How to Dodge the Consequences of Belief

How to Dodge the Consequences of Belief:

from bblais on the web


About brianblais

I am a professor of Science and Technology at Bryant University in Smithfield, RI, and a research professor in the Institute for Brain and Neural Systems, Brown University. My research is in computational neuroscience and statistics. I teach physics, meteorology, astonomy, theoretical neuroscience, systems dynamics, artificial intelligence and robotics. My book, "Theory of Cortical Plasticity" (World Scientific, 2004), details a theory of learning and memory in the cortex, and presents the consequences and predictions of the theory. I am an avid python enthusiast, and a Bayesian (a la E. T. Jaynes), and love music.
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2 Responses to How to Dodge the Consequences of Belief

  1. Steven Winsor says:

    “One final thought {by Dawkins}”

    “McGrath stresses again and again the usefulness of religion, without once demonstrating that it is true.”

    Brian, if something can be demonstrated to be ‘useful’, does that mean it must also be ‘true’? Isn’t useful unrelated to ‘true’? Just because something can’t be proved to exist…or be ‘true’, which is the meaning he’s attaching to ‘true’ here…doesn’t mean it can’t be useful. And really…isn’t the usefulness of religion the real focal point of such discussion?..and for discussion going forward?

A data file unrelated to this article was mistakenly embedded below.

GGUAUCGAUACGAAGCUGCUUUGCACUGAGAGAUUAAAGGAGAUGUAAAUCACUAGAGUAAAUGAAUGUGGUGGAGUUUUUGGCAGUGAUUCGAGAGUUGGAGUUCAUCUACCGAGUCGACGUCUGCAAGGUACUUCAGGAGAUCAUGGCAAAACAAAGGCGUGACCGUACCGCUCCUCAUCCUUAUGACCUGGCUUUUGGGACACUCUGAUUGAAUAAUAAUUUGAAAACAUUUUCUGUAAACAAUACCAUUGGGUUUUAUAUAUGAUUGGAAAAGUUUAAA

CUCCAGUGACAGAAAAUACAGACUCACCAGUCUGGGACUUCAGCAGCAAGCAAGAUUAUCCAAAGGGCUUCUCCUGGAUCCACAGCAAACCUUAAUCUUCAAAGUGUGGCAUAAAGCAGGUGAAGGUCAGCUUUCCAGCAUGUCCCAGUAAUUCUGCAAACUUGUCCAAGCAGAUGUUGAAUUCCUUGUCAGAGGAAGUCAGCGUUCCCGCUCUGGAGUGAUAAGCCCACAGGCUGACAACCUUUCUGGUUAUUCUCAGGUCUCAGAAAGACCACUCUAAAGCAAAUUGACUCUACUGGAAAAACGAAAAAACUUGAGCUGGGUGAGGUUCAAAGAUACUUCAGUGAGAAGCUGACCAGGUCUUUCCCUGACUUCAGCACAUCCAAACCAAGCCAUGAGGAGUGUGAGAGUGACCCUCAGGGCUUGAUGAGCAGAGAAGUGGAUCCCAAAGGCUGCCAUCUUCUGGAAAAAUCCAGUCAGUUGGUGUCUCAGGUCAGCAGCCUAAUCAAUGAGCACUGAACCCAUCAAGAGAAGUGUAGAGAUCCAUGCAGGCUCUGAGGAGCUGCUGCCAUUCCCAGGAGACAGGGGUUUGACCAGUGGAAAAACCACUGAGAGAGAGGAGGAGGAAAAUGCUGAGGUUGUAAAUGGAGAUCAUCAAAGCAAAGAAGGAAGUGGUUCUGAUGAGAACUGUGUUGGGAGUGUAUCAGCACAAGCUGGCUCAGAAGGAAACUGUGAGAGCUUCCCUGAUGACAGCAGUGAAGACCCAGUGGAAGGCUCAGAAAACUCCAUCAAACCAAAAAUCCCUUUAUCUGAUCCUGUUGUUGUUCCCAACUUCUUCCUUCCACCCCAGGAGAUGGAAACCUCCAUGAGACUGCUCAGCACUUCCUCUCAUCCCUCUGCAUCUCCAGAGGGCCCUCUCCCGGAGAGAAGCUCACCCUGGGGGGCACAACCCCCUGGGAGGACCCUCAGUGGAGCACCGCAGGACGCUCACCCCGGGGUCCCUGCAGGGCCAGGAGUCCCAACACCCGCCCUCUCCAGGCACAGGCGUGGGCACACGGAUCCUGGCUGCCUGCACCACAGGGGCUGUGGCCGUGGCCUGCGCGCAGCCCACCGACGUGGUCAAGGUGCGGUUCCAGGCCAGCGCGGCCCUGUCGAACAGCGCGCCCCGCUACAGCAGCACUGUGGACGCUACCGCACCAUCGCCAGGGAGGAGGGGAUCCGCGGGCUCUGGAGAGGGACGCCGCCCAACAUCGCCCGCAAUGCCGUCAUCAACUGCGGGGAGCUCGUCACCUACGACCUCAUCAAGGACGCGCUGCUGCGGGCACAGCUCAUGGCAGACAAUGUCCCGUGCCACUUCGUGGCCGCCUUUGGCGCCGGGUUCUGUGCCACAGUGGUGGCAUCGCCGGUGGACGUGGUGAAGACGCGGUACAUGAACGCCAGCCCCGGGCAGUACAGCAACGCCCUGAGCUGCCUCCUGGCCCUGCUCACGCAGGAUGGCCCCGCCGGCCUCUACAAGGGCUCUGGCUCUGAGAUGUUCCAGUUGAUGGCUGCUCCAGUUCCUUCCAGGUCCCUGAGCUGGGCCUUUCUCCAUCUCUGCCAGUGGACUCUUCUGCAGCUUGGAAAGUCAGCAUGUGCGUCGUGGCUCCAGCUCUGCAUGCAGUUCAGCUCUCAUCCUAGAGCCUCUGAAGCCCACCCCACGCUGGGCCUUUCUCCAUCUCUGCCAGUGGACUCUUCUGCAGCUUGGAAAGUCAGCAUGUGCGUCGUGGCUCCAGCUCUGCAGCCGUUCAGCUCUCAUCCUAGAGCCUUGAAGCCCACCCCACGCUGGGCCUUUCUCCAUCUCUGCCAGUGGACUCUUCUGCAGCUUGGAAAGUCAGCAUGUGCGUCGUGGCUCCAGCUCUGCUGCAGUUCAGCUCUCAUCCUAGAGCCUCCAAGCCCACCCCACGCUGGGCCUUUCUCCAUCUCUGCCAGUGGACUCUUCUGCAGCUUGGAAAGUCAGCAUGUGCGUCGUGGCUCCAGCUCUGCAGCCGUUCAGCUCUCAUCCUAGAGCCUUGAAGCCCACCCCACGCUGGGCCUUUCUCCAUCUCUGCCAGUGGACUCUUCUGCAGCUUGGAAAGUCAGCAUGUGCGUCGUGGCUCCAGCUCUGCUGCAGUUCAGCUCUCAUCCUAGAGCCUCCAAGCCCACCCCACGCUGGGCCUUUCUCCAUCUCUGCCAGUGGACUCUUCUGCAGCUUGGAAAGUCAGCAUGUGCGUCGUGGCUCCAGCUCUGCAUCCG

No one on this planet can ‘prove’ that God exists…nor, I guess, can they prove he doesn’t. But ‘usefulness’…there can be both qualitative and quantitative measures to be studied there. And who knows…maybe religion ultimately is a negative (though I posit it as a positive).

    I guess guys like Dawkins are so anxious to discredit religion that they focus on the ‘proof’ aspect…which one could term as somewhat analogous to that famous ‘red herring’ often offered in debates…or perhaps…’moot point’.

    Just one agnostic’s opinion (mine). Wake me up when Dawkins focuses on the ‘usefulness’ part of this…because the ‘proof’ part is virtually irrelevant as a debate.

  2. brianblais says:

    Steve – I responded to you over at the website, where my blog lives now:

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